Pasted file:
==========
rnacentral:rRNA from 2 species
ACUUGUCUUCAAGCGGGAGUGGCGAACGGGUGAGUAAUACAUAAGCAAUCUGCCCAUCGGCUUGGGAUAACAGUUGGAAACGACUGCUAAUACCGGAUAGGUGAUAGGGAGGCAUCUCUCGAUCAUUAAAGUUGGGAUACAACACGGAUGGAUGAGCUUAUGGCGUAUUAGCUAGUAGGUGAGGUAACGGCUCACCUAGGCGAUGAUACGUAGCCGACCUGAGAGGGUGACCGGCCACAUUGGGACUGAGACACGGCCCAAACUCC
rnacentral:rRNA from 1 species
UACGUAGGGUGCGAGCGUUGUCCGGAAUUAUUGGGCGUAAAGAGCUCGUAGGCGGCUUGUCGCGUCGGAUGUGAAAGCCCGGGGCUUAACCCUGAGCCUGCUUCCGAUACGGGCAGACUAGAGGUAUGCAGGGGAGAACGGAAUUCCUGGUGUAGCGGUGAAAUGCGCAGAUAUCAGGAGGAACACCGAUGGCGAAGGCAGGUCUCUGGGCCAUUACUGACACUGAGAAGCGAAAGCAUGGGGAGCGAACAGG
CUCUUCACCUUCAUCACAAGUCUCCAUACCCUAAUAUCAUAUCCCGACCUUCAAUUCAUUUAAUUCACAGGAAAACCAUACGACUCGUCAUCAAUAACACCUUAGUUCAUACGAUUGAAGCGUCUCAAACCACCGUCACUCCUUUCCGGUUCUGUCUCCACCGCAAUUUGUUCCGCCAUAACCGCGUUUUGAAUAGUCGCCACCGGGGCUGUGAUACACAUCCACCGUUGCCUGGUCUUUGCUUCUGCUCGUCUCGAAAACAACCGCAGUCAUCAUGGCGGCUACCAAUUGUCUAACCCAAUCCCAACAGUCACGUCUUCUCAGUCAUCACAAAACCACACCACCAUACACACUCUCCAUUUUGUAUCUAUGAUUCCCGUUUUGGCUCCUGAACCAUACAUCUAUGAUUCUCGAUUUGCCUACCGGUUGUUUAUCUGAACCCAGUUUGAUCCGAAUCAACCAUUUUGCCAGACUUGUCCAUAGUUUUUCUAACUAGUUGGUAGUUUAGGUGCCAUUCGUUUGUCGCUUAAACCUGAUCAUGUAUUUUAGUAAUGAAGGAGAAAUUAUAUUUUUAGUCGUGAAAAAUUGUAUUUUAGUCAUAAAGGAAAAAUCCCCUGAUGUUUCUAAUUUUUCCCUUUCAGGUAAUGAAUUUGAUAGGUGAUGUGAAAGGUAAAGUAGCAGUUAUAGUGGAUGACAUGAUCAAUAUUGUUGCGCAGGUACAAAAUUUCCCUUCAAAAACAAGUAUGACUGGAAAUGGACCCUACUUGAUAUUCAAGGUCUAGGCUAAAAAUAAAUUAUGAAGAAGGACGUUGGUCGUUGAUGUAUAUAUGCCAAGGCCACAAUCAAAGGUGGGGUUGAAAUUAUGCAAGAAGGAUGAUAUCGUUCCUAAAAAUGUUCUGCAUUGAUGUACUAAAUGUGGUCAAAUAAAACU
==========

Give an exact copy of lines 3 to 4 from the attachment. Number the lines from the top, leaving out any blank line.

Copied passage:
rnacentral:rRNA from 1 species
UACGUAGGGUGCGAGCGUUGUCCGGAAUUAUUGGGCGUAAAGAGCUCGUAGGCGGCUUGUCGCGUCGGAUGUGAAAGCCCGGGGCUUAACCCUGAGCCUGCUUCCGAUACGGGCAGACUAGAGGUAUGCAGGGGAGAACGGAAUUCCUGGUGUAGCGGUGAAAUGCGCAGAUAUCAGGAGGAACACCGAUGGCGAAGGCAGGUCUCUGGGCCAUUACUGACACUGAGAAGCGAAAGCAUGGGGAGCGAACAGG